Vaccine Passports: Your Questions Answered
Last week we heard that Cyprus is planning to welcome back UK tourists if they’ve had both of their COVID-19 jabs. So what does that mean for travel? Will other countries soon follow suit? Here we round up what we know and how it might affect exploring the world as we know it…
What is a vaccine passport?
Vaccine passports aren’t a new invention. Take yellow fever for example: countries including Belize, Algeria and even Australia all require visitors to present a valid yellow fever certificate if they’re travelling from a destination where the disease is rife. For coronavirus, we anticipate this could be much the same – those who have had the relevant jabs will be presented with a card or certificate to prove as such. It’s likely this “passport” could include the date of your vaccinations, the type (AstraZeneca, Pfizer or Moderna), and the batch number. In most cases, you will have had to have had your second dose of the vaccine a set amount of time before travel. At this stage this is all speculation, but we are expecting more information to come to light in the coming months.
Where will ask me for a vaccine passport?
It’s hard to know at this stage which countries will be implementing a vaccine passport system, however with Cyprus leading the charge it’s highly probable that many more will follow. Spain’s tourism minister has already admitted the country is looking into this pathway, and with Greece planning to reopen in May (all being well), they could also follow suit. Iceland, Estonia, Poland, Romania and Slovenia have all said travellers who can prove they’ve been vaccinated will be exempt from mandatory quarantine. It’s also been widely reported that the Seychelles and Thailand will, or will soon, allow entry to those who have had both doses. We will update this section with more destinations as they come to light.
Why do I need a vaccine passport?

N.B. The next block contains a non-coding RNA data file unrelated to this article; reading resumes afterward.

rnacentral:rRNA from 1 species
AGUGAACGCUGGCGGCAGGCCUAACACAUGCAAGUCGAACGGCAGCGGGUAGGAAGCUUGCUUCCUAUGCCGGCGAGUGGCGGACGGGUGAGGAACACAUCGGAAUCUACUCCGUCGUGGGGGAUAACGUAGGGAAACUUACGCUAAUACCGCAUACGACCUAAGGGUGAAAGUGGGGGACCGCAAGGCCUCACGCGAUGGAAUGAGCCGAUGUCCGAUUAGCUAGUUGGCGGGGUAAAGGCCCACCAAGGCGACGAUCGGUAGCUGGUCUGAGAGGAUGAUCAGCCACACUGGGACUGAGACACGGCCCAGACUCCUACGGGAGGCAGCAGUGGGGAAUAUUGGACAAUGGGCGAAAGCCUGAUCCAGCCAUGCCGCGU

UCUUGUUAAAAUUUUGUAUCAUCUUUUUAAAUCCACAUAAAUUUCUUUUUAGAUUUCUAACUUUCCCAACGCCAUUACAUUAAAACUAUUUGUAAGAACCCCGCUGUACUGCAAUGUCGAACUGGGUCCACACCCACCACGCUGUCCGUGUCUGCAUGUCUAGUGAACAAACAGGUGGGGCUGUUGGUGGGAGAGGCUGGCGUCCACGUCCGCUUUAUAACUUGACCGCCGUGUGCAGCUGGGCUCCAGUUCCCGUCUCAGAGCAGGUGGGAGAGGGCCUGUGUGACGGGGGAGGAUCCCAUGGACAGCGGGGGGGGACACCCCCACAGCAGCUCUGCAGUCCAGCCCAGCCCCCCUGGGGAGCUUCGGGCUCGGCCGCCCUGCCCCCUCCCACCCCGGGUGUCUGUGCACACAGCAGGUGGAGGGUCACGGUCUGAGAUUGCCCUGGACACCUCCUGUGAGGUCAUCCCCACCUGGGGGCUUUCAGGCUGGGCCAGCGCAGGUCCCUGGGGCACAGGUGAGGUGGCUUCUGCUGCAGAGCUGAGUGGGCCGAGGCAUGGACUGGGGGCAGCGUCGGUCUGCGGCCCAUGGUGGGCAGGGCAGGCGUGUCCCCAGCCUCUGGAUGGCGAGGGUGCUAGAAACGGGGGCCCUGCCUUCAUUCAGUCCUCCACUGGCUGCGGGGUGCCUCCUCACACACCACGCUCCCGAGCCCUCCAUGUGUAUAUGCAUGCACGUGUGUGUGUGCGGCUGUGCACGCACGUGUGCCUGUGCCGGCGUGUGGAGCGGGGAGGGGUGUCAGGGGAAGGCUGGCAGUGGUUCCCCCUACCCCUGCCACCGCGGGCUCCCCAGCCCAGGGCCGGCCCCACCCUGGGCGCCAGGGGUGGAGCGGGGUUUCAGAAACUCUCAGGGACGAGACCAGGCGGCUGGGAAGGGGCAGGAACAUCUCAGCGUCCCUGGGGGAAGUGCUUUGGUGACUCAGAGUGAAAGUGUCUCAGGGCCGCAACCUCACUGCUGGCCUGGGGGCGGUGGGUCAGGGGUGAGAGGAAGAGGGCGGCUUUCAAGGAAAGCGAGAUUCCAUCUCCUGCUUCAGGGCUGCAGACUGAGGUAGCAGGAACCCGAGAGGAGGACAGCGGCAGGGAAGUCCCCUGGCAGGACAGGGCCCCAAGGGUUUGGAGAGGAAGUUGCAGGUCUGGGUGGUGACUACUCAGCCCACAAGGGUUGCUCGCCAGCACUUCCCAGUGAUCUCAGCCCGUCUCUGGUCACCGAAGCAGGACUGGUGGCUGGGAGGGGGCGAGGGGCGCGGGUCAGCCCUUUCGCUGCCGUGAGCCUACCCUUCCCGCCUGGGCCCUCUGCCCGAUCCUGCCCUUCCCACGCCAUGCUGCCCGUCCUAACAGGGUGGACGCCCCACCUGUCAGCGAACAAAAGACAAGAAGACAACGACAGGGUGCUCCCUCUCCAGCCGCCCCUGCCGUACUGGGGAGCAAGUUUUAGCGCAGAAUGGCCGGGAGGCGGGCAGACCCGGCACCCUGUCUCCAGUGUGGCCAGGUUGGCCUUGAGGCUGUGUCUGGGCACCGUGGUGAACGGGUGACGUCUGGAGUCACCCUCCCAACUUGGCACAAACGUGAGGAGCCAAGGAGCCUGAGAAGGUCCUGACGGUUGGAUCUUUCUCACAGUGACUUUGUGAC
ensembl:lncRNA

In order to encourage safe tourism and restore confidence in the travel industry, some officials argue that this is the only feasible way to proceed, at least in the short term. With the UK’s high coronavirus numbers, it is expected that countries in mainland Europe will be cautiously welcoming Brits back this summer, and won’t want to see their own cases rise in the name of tourism.
How about the validity of a vaccine passport?
It’s tricky to say at the moment what the expiry or longevity of a hypothetical vaccine passport might be, as there’s still a lot of unknowns around how long the immunity provided by the vaccine lasts. As soon as we get more data from the government around this, we’ll update this page.
When will I need to start using a vaccine passport?
The introduction of vaccine passports isn’t set in stone yet, and there isn’t a clear timeline. If we look at Cyprus as our example however, they’ve said they will be welcoming Brits from 1st May 2021. So, if you can provide proof of your vaccination on arrival, you won’t need to quarantine or be subject to testing. However, as time progresses and the system rolls out this could, of course, change. We’ll keep you updated when we know more.
And what about COVID testing?
For now, it looks like COVID testing is here to stay. Many countries – regardless of their stance on vaccination passports – are still asking for negative tests to be presented on arrival (more on that here), and it’s possible that some countries could ask for the presentation of both a passport and a test.
I want more information on vaccine passports!
I’m afraid that’s all we have for now, but as soon as our experts get more information we’ll be updating it here. If you have any concerns about an upcoming booking and your travel requirements, please contact your Travel Consultant directly. We also highly recommend checking the specific destination advice for your country of choice on the Foreign, Commonwealth & Development Office website, as well as via our COVID travel restrictions map and Where’s Safe to Travel hub. For the latest news, be sure to sign up to our newsletter in the footer below.